Monday, January 20, 2014

Today's Favorite Plant - Pieris

Some may find today's favorite plant a little too on the blah side of things, or perhaps too ubiquitous, as they can sometimes be overused in home foundation plantings.

I, however, find Pieris, more commonly known as Andromedas or 'Lily of the Vally' shrub, to be useful and lovely in a mixed boarder. They are best mixed in here and there in the background.

As far as broad-leaved evergreens go, they have more year round interest. New spring growths are generally bright red/pink as they emerge, and the flowers are chains of white (or red) bells in early spring (February-April). The flowers are fragrant, but smell a little like menthol.

There are many varieties with variegated foliage that also have intensely pink colored new growth. 

Pieris grow much like a Rhododendron or an Azalea, preferring a shady spot, in well-drained, moist and acid soil. Drying winds and hot direct sun should be avoided. They will burn up quickly in hot sun.

I prefer to remove spent flower stems after blooming. They are very easy to clip off with a pruner. After blooming is also a good time to shape plants.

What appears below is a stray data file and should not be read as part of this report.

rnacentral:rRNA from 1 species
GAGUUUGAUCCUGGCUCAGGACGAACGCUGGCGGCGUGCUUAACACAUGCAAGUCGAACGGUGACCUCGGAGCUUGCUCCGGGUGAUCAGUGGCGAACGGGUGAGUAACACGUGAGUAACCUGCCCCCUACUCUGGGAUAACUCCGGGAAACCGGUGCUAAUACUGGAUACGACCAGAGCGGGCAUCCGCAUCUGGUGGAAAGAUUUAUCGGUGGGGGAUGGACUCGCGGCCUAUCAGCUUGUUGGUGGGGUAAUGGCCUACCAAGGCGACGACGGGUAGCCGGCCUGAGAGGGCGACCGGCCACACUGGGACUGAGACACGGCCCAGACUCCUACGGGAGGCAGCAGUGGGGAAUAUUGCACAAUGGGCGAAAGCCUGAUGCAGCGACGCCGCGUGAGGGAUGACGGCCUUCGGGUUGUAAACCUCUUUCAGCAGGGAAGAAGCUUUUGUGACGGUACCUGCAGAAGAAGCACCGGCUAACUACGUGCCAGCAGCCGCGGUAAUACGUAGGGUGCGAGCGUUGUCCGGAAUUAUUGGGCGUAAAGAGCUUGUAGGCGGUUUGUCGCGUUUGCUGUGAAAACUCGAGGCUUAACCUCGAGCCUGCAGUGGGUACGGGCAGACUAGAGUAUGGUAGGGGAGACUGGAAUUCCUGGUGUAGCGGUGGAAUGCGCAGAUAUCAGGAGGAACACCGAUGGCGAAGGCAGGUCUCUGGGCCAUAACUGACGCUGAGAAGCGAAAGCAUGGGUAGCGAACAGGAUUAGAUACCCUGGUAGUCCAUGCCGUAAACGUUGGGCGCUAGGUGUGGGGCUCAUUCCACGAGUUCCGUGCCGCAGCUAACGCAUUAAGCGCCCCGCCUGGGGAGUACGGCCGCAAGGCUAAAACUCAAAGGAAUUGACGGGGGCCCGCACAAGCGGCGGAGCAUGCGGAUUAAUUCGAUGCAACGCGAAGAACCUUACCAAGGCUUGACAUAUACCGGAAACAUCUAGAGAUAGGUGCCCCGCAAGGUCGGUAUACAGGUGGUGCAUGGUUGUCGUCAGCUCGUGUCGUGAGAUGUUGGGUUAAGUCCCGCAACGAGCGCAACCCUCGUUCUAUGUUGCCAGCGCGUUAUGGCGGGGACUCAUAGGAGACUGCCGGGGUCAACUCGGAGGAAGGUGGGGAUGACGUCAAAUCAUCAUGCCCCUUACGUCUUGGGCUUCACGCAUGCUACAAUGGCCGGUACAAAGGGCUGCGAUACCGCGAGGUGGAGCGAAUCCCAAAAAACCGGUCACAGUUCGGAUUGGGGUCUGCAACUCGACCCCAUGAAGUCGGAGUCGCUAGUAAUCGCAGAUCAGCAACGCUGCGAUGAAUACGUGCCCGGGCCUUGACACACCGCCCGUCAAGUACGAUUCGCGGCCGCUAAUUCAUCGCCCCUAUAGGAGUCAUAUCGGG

Most Pieris can grow to 10' with maturity, so be sure to leave room in your boarder for the full grown size. If that's too big, there are some adorable dwarf varieties that stay quite small (less than 2').  

Be sure to try one in your garden.
Pieris japonica 'Valley Valentine' in flower.

Pieris japonica 'Valley Valentine' in bud.
Pieris japonica 'Valley Valentine'.
Pieris japonica 'Variegata'
Pieris japonica 'Variegata' in bud.


  1. I thought I would miss our pair after they came out last summer. They were inherited and I loved them for their 'old Portland' style, but I don't regret for a minute getting rid of them...c'est la vie!

    1. They can have lovely form/trunks with age, but I agree that I wouldn't want a pair of them next to my front door for example.

  2. I inherited a pieris with my property and I hated it at first but now I really appreciate it. I love how they look gift wrapped when they're in bloom.

  3. You're right: this is sort of a love it or hate it plant. I'm on your side of that divide. Don't much care for the flowers, but oh, mama, that new growth.

  4. There was a lady in my home town who always wore the same dangly earrings. She was a fascinating woman with an interesting garden and whenever I see a Pieris in bloom, I think of her and those special earrings. Not being hardy back home, Pieris are still a wonder to me! Thanks for featuring this sweet plant. My favorite is 'Mountain Fire' because it has screaming orange new growth that lasts for quite a while.